Regina was working overtime as well so we postponed our weekly session. I was more worried about her than myself at this point and hoped that the recent shootings hadn’t stirred up an old loss. She had survived so much and was such a strong person that it felt awkward to be worried about her. She usually worried about me and was the one to keep me from jumping off my emotional cliffs.

Except for that one time - so many years ago.

Saturday, April 5, 2008

Season 1 - Episode 5

Scene 1 - Therapist’s Office


My session with Laura went quite well. She was a straight-A student and appeared to be more aware of herself than most young women her age. The way she dressed appeared to be more of a boundary setting issue with her mother than anything else. Although, she did possess a definite artistic streak that I found rather interesting. Still, her appearance screamed for a separate identity than the one her mother wanted her to assume.

“Does it hurt?” I had to ask. “The one on your tongue.”

“Not really. Sometimes when I chew - food pushes on it, but you learn to work around it.”

I just couldn’t imagine anything being worth this kind of disruption to my body - but then again every generation endured something their parents found questionable from corsets to beehive hairdos to stiletto heels.

We talked for the rest of the session about all sorts of topics and it was clear that Laura knew who she was, what she wanted and how to get it. She didn’t need therapy - she needed to be treated like the responsible adult that she clearly had become.

I flashed to what Dana would look like in five years and wondered if she would be sitting across from a therapist, trying to separate from an overbearing mother.

Reality check - can’t let this happen!

I suddenly had a stark insight into how I should deal with my daughter from now on and made a mental note to start doing so immediately.




Scene 2 - Therapist’s Home


Dana and her father talked for more than an hour the other night and she stayed in her room after that. I heard her go to the bathroom later on but left her alone. I didn’t see her again until after work the next day.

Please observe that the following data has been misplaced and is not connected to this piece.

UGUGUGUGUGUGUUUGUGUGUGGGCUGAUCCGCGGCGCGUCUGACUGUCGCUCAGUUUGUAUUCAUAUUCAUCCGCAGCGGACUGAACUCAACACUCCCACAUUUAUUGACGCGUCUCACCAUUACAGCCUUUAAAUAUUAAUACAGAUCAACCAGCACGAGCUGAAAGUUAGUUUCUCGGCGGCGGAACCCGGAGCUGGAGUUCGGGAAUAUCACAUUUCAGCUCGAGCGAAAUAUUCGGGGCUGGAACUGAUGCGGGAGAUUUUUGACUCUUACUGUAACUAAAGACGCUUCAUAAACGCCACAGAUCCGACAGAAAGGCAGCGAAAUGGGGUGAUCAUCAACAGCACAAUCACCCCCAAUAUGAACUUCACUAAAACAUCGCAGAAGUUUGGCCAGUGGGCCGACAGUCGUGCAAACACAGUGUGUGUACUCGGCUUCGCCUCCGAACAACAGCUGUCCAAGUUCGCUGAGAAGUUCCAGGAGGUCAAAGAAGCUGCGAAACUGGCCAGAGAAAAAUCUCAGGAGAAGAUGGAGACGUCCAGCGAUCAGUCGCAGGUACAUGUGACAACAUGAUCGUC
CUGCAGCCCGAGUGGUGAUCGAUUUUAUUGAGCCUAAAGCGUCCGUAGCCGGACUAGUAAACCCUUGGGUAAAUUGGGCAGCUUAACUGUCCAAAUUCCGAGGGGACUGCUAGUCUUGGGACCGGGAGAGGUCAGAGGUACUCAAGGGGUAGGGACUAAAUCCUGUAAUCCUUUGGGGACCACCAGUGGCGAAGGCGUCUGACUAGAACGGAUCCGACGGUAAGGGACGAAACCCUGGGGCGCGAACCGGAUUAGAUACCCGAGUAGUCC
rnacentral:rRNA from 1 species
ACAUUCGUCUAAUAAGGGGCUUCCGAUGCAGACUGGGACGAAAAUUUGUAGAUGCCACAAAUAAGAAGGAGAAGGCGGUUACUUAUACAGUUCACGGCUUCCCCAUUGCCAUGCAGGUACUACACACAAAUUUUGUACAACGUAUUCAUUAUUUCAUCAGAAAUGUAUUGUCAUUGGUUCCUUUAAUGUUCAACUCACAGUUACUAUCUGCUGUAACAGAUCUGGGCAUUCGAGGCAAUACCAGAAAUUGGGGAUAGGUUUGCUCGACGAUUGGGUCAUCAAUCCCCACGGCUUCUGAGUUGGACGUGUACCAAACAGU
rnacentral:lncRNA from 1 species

To my surprise she had dinner waiting when I arrived home. Store-bought pizza and ready-to-eat salad never looked so good.

“Wow! This is really nice,” my response was genuine. It was the first time we had sat down to eat together in more than a week. Something I missed - dreadfully so.

I reached for my water as Dana sat down across from me.

“I talked with Dad last night.” She kept her eyes on her plate.

“How did that go?” I tried to keep my tone neutral.

She looked up to measure my response. “Great.” She took a generous bite of pizza. “Really great.”

I felt she was holding something back.

“He asked me to come visit this summer.”

“Is that something you want to do?” I reminded myself this was for her and not for me. My stomach still turned upside down, the pizza I had swallowed threatening to come back the way it went in.

“I think so.” Her stare locked with mine, her eyes pleading with me to understand, not be mad and still love her.

“That’s great, honey.” I mustered as much enthusiasm as I genuinely could, grabbing my water and swallowing to force the pizza in the right direction.

“You mean that, mom?” I flashed back to when she was much younger and shared her love with me so easily.

“I really mean that.” And, I really did.

I finally did.




Scene 3 - Therapist’s Office


“I did it.”

I looked up to see Regina raise an eyebrow. She knew what I meant. She just wanted to make me to say it out loud - to own it.

“I called Dana’s father –“

”Ahem!” Regina’s interjection made me pause.

“Okay, my ex –“

”Ahem!” She wasn’t going to cut me any slack. None at all.

“Okay, Richard! Are you happy now?” I knew she was my friend and was doing the right thing by me, but boy was it pissing me off right now.

“I’m happy - are you?” Regina’s southern drawl always made everything sound so innocent.

“No damn it, I’m not!”

“Why not?”

I didn’t have an answer. I nearly jumped up from the chair as I escaped to the other side of the room and fled to the window - my sanctuary.

“Center, Georgia. Center.”

Regina’s voice was calm as she talked me down off the ledge I had perched on. She was right, as usual. I needed to center. I needed to get back to my authentic self and not respond from the negative energy that was now consuming me. Fear and anger were such powerful emotions and usually worked against me.

“So, when are you going to start living your life?” Her voice cut through my silence and inner turmoil.

I took a deep breath and turned towards my mentor and current tormentor.

“Who says I haven’t.”